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Above you see Klein’s new Tradesman Pro Organizer rolling tool bag, which is, well, a tool bag with wheels. It caught our attention because it incorporates features we’ve seen in luggage for years, but which never quite seem to make their way into tool storage applications: big wheels and a collapsible handle.

For the same reason bolting big wheels on your 4×4 allows you to climb and clear big rocks and logs, upping the wheel diameter on your rolling storage lets you drag it over larger debris. Klein chose 6″ wheels for this bag, which seems like a good tradeoff between being big enough to let you roll over weird crap and small enough to not be a pain in the ass (or leg) when you pick up the bag to carry it.

To give you an idea of what you can navigate with the Tradesman Pro, check out Klein’s (albeit a bit cheeky) video:

(Forget rolling the bag over your workmates. The most impressive part of this video in our opinion is when they drag it across wire and other stuff that’d normally catch and stop rolling gear.)

Underneath the Pro’s 600D ballistic weave fabric exterior lies a metal frame designed to increase the bag’s strength and carrying power — Klein claims you can stuff 100 lbs. inside of it and another 100 on top of it — and to let you prop open the top for easy access to your tools while you work. Klein also added a molded plastic kick plate along the wheeled edge so you don’t wear through the fabric when you drag the bag over large objects or up stairs. Inside you get 24 pockets to subdivide your tools and keep them organized, and the whole interior is orange to increase visibility (read: to keep you from digging around looking for black tools in a black bag in the dark).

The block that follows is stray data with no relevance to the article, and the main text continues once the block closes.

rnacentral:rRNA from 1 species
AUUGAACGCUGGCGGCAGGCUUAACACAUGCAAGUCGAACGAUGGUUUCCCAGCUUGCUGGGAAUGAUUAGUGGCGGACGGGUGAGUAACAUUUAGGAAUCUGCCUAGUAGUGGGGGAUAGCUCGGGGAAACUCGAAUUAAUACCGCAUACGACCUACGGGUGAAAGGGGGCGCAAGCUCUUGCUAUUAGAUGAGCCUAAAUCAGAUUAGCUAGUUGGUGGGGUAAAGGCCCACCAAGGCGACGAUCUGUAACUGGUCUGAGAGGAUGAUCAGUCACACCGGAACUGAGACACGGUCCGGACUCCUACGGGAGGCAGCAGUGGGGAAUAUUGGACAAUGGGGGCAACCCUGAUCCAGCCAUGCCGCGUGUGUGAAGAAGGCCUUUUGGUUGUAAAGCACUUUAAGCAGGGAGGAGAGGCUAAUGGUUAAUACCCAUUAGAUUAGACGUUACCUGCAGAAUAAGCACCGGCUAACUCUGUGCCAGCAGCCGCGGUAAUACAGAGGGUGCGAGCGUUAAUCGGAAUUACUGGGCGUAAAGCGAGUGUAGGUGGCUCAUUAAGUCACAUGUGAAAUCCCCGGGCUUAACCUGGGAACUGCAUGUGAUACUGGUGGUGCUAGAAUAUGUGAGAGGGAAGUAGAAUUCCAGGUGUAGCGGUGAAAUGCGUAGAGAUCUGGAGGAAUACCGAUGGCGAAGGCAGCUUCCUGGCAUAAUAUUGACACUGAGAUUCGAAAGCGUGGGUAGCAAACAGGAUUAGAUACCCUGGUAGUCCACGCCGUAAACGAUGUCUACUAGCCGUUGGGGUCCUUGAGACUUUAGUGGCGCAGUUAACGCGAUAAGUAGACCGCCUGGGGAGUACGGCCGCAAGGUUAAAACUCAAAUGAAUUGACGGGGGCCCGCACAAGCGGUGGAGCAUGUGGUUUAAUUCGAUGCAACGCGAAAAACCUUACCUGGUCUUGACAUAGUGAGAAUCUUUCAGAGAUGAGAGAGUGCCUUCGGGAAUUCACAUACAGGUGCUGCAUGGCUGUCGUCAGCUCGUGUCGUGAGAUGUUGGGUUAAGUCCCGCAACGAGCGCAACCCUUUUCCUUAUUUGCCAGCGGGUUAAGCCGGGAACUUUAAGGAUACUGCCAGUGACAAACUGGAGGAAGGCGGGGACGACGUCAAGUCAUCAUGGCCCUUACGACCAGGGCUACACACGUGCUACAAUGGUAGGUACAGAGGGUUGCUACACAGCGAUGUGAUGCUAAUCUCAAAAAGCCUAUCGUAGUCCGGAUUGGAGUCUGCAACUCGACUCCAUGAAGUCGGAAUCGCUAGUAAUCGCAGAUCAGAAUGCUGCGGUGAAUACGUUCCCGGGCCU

We also like the collapsible handle. We’ve seen a similar handle on some rolling hard cases, but this is the first one we’ve seen on a bag like this.

Honestly, this bag looks like it’ll last for quite a while — which is good, because at around $150 street, you probably won’t want to buy a replacement anytime soon.

Tradesman Pro Organizer Rolling Tool Bag [Klein]
Street Pricing [Google]
Via Amazon [What’s This?]

 

12 Responses to A Rollerboard For Your Tools

  1. Eric R says:

    Too much dough.
    And you are right, that video didn’t help them.

  2. rob says:

    I have had every size of stanley rolloing tool box even with the biggest wheels they make on the smallest box
    you getr it loaded down and it dosent roll over stuff very well this looks like it rolls great when its empty
    but lets face it hand tools in most trades are steal and they add up

    my tool bag which is a a small veto pro pac which is just hand tools and bit that I don’t keep in my tool belt weights in at almost 50lbs this bag is almost twice the size so I could see a cordless drill hand tools etc etc in this thing and like every other rolling item I have tried
    I bet it will be a beast on anything but clear hard surfaces

    I have my stanley tool chest with wheels and it is better than not having wheels but a dolly with pneumatic tires is way way ahead of this

    not only will it roll better but a dolley and a much cheaper bag will be more versitile and about half the price or less

    klien is good stuff but way to much money for what you get

  3. Sac says:

    That video certainly makes it look impressive, but like the other posters here I’m a little suspicious…

  4. Chris says:

    Can someone explain the etymology of the word “rollerboard”, please?

    (I’m fairly certain it’s not actually a word, but rather a corruption of the adjectival phrase “roll-aboard”, which obviously refers to the ability of a suitcase to “roll aboard” a vessel on its wheels.)